Apply the solution to both nostrils before going to bed. The solution washes out any mucus buildup. Also, studies show saline solutions moisturize your dry nasal passages and lower inflammation. This is good because inflammation constricts your airways. The salt concentration also kills cold-causing bacteria, which helps treat your cold.

If you wake up to complaints about your snoring, you should ask if it happens every night. If so, see your doctor. Once you’ve ruled out underlying illnesses, try these proven methods to stop your snoring.

Featured photo credit: Pixabay: AdinaVoicu via pixabay.com

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Last Updated on January 21, 2020

The Best Way to Create a Vision for the Life You Want

The Best Way to Create a Vision for the Life You Want

Creating a vision for your life might seem like a frivolous, fantastical waste of time, but it’s not: creating a compelling vision of the life you want is actually one of the most effective strategies for achieving the life of your dreams. Perhaps the best way to look at the concept of a life vision is as a compass to help guide you to take the best actions and make the right choices that help propel you toward your best life.

your vision of where or who you want to be is the greatest asset you have

    Why You Need a Vision

    Experts and life success stories support the idea that with a vision in mind, you are more likely to succeed far beyond what you could otherwise achieve without a clear vision. Think of crafting your life vision as mapping a path to your personal and professional dreams. Life satisfaction and personal happiness are within reach. The harsh reality is that if you don’t develop your own vision, you’ll allow other people and circumstances to direct the course of your life.

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    How to Create Your Life Vision

    Don’t expect a clear and well-defined vision overnight—envisioning your life and determining the course you will follow requires time, and reflection. You need to cultivate vision and perspective, and you also need to apply logic and planning for the practical application of your vision. Your best vision blossoms from your dreams, hopes, and aspirations. It will resonate with your values and ideals, and will generate energy and enthusiasm to help strengthen your commitment to explore the possibilities of your life.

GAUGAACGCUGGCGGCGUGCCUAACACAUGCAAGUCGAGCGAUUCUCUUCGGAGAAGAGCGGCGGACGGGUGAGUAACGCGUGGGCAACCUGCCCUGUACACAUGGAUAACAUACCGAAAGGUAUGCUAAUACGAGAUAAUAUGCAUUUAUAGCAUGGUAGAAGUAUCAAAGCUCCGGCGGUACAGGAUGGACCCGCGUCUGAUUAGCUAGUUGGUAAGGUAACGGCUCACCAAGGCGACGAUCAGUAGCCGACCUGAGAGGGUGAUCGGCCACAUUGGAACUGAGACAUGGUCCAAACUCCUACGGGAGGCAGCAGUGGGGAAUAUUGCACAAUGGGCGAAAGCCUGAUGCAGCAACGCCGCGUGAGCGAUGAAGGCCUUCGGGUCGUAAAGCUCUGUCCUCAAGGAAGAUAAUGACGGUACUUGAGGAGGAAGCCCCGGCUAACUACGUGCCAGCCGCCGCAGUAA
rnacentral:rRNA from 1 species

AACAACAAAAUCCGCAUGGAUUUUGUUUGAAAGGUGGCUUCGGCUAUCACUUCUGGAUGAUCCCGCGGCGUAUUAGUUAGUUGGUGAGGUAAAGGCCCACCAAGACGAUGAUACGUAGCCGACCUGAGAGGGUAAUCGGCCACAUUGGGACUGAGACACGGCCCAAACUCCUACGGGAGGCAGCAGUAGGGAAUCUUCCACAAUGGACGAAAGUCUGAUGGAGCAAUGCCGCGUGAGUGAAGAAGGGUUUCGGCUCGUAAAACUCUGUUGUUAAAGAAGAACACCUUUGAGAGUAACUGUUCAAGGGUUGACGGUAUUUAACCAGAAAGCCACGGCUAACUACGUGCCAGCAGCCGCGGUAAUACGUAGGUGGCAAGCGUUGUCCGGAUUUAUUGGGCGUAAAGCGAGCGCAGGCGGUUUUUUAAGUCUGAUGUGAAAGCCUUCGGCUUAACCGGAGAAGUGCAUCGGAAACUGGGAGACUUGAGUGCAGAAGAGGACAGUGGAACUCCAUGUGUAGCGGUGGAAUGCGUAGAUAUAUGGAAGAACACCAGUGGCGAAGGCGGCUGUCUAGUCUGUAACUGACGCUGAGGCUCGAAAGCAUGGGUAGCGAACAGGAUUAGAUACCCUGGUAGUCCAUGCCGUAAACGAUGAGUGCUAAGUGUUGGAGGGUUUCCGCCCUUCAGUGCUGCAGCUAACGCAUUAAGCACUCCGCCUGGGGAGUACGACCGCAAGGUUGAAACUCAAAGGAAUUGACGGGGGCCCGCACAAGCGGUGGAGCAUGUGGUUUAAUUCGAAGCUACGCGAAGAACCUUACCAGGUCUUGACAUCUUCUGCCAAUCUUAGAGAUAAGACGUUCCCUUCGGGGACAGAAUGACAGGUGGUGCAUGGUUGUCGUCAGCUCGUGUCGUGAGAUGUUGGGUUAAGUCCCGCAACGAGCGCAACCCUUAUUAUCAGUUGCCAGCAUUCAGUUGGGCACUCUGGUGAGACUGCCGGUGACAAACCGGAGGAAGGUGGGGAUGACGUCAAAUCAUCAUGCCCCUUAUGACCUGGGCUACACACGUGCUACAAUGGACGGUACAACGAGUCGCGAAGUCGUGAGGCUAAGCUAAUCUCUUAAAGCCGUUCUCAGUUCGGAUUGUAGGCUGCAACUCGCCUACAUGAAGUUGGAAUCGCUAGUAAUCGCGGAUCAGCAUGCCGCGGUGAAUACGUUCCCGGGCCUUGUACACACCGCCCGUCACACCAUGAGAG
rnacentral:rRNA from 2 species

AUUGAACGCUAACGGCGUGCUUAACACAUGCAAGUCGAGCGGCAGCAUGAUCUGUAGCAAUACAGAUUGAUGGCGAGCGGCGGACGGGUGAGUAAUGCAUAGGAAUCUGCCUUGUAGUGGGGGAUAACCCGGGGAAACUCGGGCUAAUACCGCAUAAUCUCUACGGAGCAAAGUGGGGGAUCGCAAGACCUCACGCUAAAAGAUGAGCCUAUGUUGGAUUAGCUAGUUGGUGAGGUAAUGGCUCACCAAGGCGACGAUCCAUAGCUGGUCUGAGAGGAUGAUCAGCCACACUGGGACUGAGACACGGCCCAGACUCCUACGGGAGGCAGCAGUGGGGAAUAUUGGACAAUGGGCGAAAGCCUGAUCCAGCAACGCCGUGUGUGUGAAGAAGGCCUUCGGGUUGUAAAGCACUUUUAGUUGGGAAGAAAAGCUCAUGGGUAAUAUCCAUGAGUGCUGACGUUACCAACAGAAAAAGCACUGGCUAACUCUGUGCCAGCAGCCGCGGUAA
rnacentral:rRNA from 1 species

What Do You Want?

    The question sounds deceptively simple, but it’s often the most difficult to answer. Allowing yourself to explore your deepest desires can be very frightening. You may also not think you have the time to consider something as fanciful as what you want out of life, but it’s important to remind yourself that a life of fulfillment does not usually happen by chance, but by design.

    It’s helpful to ask some thought-provoking questions to help you discover the possibilities of what you want out of life. Consider every aspect of your life, personal and professional, tangible and intangible. Contemplate all the important areas, family and friends, career and success, health and quality of life, spiritual connection and personal growth, and don’t forget about fun and enjoyment.

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    Some tips to guide you:

    • Remember to ask why you want certain things
    • Think about what you want, not on what you don’t want.
    • Give yourself permission to dream.
    • Be creative. Consider ideas that you never thought possible.
    • Focus on your wishes, not what others expect of you.

    Some questions to start your exploration:

    • What really matters to you in life? Not what should matter, what does matter.
    • What would you like to have more of in your life?
    • Set aside money for a moment; what do you want in your career?
    • What are your secret passions and dreams?
    • What would bring more joy and happiness into your life?
    • What do you want your relationships to be like?
    • What qualities would you like to develop?